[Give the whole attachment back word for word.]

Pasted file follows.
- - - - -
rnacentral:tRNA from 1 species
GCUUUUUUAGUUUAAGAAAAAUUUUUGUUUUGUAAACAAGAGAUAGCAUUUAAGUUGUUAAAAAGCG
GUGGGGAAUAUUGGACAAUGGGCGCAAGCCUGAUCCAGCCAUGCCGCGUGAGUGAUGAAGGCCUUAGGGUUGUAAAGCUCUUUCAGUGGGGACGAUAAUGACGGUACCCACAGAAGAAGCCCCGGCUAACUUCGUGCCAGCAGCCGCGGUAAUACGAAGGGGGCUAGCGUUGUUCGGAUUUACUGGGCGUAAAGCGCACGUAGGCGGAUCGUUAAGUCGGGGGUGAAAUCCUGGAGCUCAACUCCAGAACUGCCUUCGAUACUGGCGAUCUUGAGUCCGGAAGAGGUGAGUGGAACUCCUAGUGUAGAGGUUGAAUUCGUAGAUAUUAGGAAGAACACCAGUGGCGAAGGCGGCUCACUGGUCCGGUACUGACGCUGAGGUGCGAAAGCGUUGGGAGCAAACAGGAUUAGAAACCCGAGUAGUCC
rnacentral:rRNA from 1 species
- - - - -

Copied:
rnacentral:tRNA from 1 species
GCUUUUUUAGUUUAAGAAAAAUUUUUGUUUUGUAAACAAGAGAUAGCAUUUAAGUUGUUAAAAAGCG
GUGGGGAAUAUUGGACAAUGGGCGCAAGCCUGAUCCAGCCAUGCCGCGUGAGUGAUGAAGGCCUUAGGGUUGUAAAGCUCUUUCAGUGGGGACGAUAAUGACGGUACCCACAGAAGAAGCCCCGGCUAACUUCGUGCCAGCAGCCGCGGUAAUACGAAGGGGGCUAGCGUUGUUCGGAUUUACUGGGCGUAAAGCGCACGUAGGCGGAUCGUUAAGUCGGGGGUGAAAUCCUGGAGCUCAACUCCAGAACUGCCUUCGAUACUGGCGAUCUUGAGUCCGGAAGAGGUGAGUGGAACUCCUAGUGUAGAGGUUGAAUUCGUAGAUAUUAGGAAGAACACCAGUGGCGAAGGCGGCUCACUGGUCCGGUACUGACGCUGAGGUGCGAAAGCGUUGGGAGCAAACAGGAUUAGAAACCCGAGUAGUCC
rnacentral:rRNA from 1 species